Medline: 10429758

American Journal of Preventive Medicine 17(1): 87-90, 1999.

Prostate-specific antigen for prostate cancer screening. Do Physician Characteristics affect its use?

Edlefsen KL, Mandelson MT, McIntosh MW, et al.


Screening for prostate cancer with the prostate-specific antigen (PSA) test remains controversial. This controversy is reflected in a lack of consensus in the medical literature and among professional and policy organizations regarding routine screening by PSA. It is not known how physicians respond when recommendations from experts are inconsistent.

A questionnaire was mailed to 1369 primary care physicians in active practice in Washington State in 1994. Response rate to the survey was 63%. Chi-square tests and multivariate logistic regression analysis were used to examine the effects of physician characteristics on physicians' self report of use of the PSA test for screening asymptomatic male patients, aged 50 to 80, for prostate cancer.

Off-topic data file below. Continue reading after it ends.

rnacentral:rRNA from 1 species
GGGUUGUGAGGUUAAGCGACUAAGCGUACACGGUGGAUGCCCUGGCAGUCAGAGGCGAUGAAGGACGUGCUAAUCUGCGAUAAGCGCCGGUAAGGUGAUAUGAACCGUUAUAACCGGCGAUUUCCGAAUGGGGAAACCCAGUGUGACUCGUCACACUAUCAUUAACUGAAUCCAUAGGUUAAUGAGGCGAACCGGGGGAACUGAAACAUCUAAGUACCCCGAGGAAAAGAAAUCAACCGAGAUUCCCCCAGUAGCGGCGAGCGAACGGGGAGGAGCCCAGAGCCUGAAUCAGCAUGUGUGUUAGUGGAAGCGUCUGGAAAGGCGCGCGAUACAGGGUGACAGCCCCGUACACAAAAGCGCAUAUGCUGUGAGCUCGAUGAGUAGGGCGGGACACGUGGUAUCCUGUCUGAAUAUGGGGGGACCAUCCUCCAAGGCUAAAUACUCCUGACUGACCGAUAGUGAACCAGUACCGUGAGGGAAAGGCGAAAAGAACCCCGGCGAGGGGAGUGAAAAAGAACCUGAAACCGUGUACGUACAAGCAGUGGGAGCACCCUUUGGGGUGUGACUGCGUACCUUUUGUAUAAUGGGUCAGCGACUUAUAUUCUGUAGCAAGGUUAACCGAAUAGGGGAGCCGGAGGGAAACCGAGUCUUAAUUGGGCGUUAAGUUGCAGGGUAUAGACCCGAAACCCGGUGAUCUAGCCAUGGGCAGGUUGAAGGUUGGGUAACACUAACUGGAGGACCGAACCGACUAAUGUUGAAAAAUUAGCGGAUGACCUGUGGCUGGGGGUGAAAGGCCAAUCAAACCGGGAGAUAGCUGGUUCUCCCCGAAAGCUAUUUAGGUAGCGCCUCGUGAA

Of the 714 physicians included in the analysis, 68% reported routine use of PSA. Use of PSA varied among physicians on the basis of practice setting, years since medical school graduation, and whether compensation was fee-for-service or salaried. Male physicians trained before 1974 and physicians receiving fee-for-service were significantly more likely than other physicians to recommend screening by PSA.

Results suggest that physicians' personal characteristics such as year of medical school graduation, gender, and mode of reimbursement are related to self-reported PSA use.

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Dr. G. Quade